How does a week look for a blood splatter analyst?
I am writing a research paper on my future career I am hoping to get a insight on how a day looks in the life of a splatter analyst. Your hours,does geography affect the job. How often do you go to court. Thank you #forensics #forensic-analysis #forensic-pathology
Take as many science and math classes as you can in high school. If you have a strong science and math background, your college coursework will come much easier, and you’ll have a better chance of winning scholarships or earning admittance to top universities. Also, seek out extracurricular activities related to science or criminal investigation, such as your school’s science club or summer programs for aspiring biologists or forensic investigators.
Pursue an undergraduate degree. Many law enforcement agencies and crime labs require only a bachelor’s degree for entry-level positions. Since you’ll primarily be working with blood, you should study both biology and forensic science. You can complete a double-major in both specialties or choose one as a major and one as a minor.
Complete an internship. Many law enforcement agencies prefer applicants with experience, even if it’s just an internship. You’ll learn the theory behind blood spatter analysis, as well as gaining experience in the techniques and equipment used in most crime labs. The Ames Laboratory, a research facility owned by the U.S. Department of Energy and operated by Iowa State University, offers undergraduate internships during the summer and academic year. Students examine and analyze bloodstains and apply their findings to real-world scenarios.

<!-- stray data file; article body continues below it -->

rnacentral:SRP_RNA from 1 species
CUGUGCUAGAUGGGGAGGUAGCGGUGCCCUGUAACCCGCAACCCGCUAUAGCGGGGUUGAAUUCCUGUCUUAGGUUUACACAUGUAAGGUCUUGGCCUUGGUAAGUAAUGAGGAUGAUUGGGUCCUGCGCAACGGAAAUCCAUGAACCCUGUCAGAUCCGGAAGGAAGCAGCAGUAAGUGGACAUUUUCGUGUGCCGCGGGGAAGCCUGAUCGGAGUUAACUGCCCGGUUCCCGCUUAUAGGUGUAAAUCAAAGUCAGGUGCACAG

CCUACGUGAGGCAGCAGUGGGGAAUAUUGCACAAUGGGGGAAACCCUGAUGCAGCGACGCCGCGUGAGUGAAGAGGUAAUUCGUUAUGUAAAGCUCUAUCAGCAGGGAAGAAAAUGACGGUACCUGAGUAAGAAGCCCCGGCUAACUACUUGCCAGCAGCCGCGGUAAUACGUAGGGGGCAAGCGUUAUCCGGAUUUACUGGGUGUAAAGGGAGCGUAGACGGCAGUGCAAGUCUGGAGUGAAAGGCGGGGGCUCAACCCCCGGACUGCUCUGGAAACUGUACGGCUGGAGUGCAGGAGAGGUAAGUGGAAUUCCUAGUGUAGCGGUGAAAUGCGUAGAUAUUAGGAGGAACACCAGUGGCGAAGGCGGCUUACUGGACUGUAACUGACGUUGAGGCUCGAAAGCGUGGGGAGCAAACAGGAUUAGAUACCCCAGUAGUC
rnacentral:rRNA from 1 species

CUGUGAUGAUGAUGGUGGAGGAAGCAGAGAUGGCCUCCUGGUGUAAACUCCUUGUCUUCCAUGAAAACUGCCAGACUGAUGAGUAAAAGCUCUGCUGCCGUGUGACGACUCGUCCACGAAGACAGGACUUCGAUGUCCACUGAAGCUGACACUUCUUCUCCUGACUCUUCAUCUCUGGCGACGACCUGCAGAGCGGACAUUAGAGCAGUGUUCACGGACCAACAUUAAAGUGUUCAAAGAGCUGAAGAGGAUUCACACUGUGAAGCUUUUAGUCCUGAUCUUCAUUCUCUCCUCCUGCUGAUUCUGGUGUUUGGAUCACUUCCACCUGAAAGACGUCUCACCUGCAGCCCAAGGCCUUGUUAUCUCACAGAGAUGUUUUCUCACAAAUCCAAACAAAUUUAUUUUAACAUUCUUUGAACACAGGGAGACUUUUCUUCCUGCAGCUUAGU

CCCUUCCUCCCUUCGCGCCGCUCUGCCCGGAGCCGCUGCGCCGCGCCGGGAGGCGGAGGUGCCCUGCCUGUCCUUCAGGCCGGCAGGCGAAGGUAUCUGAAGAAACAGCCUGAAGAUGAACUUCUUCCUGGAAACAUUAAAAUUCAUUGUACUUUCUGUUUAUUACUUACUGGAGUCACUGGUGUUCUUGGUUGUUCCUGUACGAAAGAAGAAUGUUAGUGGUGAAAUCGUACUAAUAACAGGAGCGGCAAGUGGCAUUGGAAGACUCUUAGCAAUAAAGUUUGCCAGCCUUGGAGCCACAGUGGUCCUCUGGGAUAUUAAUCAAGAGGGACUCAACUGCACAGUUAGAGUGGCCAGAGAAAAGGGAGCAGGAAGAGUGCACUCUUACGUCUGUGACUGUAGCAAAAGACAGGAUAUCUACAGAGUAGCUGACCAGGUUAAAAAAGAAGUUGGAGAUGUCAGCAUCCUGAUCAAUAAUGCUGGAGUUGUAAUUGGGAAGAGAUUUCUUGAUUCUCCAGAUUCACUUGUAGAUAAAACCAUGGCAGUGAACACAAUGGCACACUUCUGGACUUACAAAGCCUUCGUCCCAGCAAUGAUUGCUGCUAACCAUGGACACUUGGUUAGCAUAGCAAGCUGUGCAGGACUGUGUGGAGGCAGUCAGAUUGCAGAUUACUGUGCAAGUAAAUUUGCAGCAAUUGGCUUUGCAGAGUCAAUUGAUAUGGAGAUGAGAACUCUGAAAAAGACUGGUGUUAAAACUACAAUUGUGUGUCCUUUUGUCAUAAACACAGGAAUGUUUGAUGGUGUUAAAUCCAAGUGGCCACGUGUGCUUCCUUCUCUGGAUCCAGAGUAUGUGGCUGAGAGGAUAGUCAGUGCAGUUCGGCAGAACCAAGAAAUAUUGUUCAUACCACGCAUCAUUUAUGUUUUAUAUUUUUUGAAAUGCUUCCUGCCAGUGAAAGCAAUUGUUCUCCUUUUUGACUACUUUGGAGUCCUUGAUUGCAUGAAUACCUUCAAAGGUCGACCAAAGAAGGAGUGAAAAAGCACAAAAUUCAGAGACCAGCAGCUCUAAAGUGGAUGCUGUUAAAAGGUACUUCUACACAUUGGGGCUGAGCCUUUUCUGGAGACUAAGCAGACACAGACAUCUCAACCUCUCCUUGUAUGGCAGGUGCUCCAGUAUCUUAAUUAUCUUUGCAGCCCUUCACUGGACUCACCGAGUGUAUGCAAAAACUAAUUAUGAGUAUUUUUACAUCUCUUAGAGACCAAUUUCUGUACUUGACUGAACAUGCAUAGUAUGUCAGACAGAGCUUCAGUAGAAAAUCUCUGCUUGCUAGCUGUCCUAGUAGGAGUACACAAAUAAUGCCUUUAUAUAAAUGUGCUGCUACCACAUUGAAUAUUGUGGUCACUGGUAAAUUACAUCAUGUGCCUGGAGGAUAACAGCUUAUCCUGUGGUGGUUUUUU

Pursue advanced training. Supplement your college education with more intensive training in blood spatter analysis. Professional associations such as the International Association of Bloodstain Pattern Analysts offer seminars and workshops in specific areas of blood spatter analysis such as latent bloodstains and math and physics for bloodstain pattern analysis.
Obtain certification. While you don’t need certification to work as a blood spatter analyst, it can improve your employment prospects and earning potential and make it easier to advance to supervisory roles. You can also use your credentials to establish yourself as an expert and testify at criminal trials or work as a consultant. The International Association for Identification offers certification in blood pattern examination and requires candidates to complete a 40-hour workshop and earn at least 75 percent on the certification exam. To be certified you must also have at least three years of experience in bloodstain pattern identification. In addition, you must complete a 40-hour photography workshop and training in other aspects of forensic investigation such as crime scene investigation technology and evidence recovery.